“We pride ourselves as a game to have a little bit of something at least for everybody. The overland, and world bosses, and delves to kind of cater to smaller groups, single players. Dungeons have always catered to four players, so that’s kind of how that comes about. We don’t go into this expecting — there are some players who are really good and can go through dungeons and can fight stuff solo. But they are always geared for four players. That’s kind of the experience we’re going for.”
I brought up the fact that dragons were the world bosses in Elsweyr and are meant to be taken down with a large group. Yet in Lair of Maarselok, a dragon is expected to be taken down only by a group of four. I asked how these two design decisions can co-exist, and how a four player group can take down a dragon. Mike Finnigan explained that this was a conscious choice during designing the dungeon.
“We realized that in overland and in Sunspire, you needed more than four players to take on a dragon. That was the design for these things. These were big bad beefy creatures. In this dungeon, you are taking on a dragon, but you are fighting the dragon in three separate boss encounters. So you chip away a little bit of its health each time. And that was to keep the exact same thing you were talking about, ‘Hey dragons were big. Why is this guy a chump and dies to four players?’ The reason he dies to four players is you’re fighting in multiple places. You aren’t defeating him all in one shot.”
Rich Lambert added,
“But you aren’t fighting all by yourself. Selene plays a very large role in all the fights against him.”
Throughout the Lair of Maarselok, we fought and took out corrupted enemies, including giant spiders, hoarvors, and stranglers. As Rich alluded to, Selene helped us along the way. For obvious reasons, I will not spoil how these fights bore out — that’s for you to discover when you dive into Scalebreaker. However, having played Selene’s Web, keep in mind Selene is a forest spirit. Every fight we had with Maarselok was mechanically different from the last. This fact coupled with Selene’s innate abilities created some very unique situations which forced me to think and play slightly differently from the previous Maarselok encounter.
The corruption became more and more prevalent as we fought our way towards Maarselok, once again showcasing that visual storytelling I love so much about ESO. They’re not just telling you about the corruption, they’re also showing you.
As for Maarselok himself, he is quite impressive. As Mike explained, we fought him multiple times, with each fight being unique from the last. He’s actually the same physical size as other overworld dragons, but his design is deliberately different. He literally oozes with the blue corruption prevalent throughout the dungeon, and very clearly stands out from the rest of the dragons.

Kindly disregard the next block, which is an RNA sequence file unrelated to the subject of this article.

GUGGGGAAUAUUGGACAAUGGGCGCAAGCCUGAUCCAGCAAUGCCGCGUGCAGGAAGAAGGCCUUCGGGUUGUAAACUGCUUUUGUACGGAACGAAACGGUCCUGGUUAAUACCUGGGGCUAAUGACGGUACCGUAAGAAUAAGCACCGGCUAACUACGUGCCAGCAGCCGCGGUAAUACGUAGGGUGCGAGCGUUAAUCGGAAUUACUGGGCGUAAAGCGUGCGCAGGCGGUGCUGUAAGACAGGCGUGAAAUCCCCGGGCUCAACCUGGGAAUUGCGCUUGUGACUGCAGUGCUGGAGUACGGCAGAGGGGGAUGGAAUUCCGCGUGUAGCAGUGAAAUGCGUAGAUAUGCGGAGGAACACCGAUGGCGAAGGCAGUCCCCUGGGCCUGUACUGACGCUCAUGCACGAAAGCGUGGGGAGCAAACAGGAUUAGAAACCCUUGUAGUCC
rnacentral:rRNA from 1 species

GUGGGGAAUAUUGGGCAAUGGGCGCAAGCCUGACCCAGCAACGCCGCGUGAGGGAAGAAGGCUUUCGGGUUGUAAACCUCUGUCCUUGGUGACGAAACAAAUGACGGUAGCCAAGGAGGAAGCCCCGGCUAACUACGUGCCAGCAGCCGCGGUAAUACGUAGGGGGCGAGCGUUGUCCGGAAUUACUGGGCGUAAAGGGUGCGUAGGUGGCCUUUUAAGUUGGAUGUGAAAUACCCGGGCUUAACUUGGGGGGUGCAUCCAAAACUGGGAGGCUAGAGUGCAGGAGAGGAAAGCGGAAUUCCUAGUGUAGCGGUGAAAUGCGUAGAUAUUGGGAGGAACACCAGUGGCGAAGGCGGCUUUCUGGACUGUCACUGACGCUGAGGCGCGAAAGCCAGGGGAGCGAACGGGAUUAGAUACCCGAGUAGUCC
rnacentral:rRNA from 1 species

As with my experience in ESO thus far, I enjoyed the story in the Lair of Maarselok. I suspect those who have played the base game and are more familiar with Selene than I am will find this bit of fan service more enjoyable. I asked about the story and writing, and how the team approaches writing for dungeons. Mike Finnigan explained:
“The goal that we have going into the dungeons is: we start with the story. We start with, ‘What story are we trying to tell? What story are we going to put the players into?’ And that is the start of our process. Yes, we like to add cool mechanics and engaging fights and stuff like that, but also tell a good story. We realize that there are people out there that don't necessarily want the story. They just want to rush through the dungeon and kill the boss and get loot. And that’s fine too.”
He explained that in the overworld, you can really slow down and take in the story. But in dungeons, as developers, they want to keep the action going. Because of this, there’s a lot more visual storytelling like the corruption noticeably spreading. In addition to that, in every one of the boss encounters throughout the Lair of Maarselok, Selene played a role and provided some exposition.
Overall, I truly enjoyed the Lair of Maarselok. The mini-bosses, the characters, and the story were all engaging and different to what I have experienced in ESO thus far. The one thing that really struck me was the uniqueness of the physical manifestation of the corruption. I haven’t really seen something which is supposed to be inherently malevolent designed in such a beautiful way. This deliberate design choice made the impact of the corruption far greater than had it been designed more traditionally.
Having now played Selene’s Web in the days between my preview with ZOS and at the time of this writing, I can wholeheartedly say this continuation of Selene’s story in The Lair of Maarselok is satisfying. It does a fantastic job showcasing ZOS’ storytelling ability, how they remain cognizant of older characters, yet still keep the story fresh.
Scalebreaker looks to be a great new addition to ESO, one which I am sure to thoroughly enjoy. Scalebreaker is out today for PC and Mac, and will hit consoles on August 27.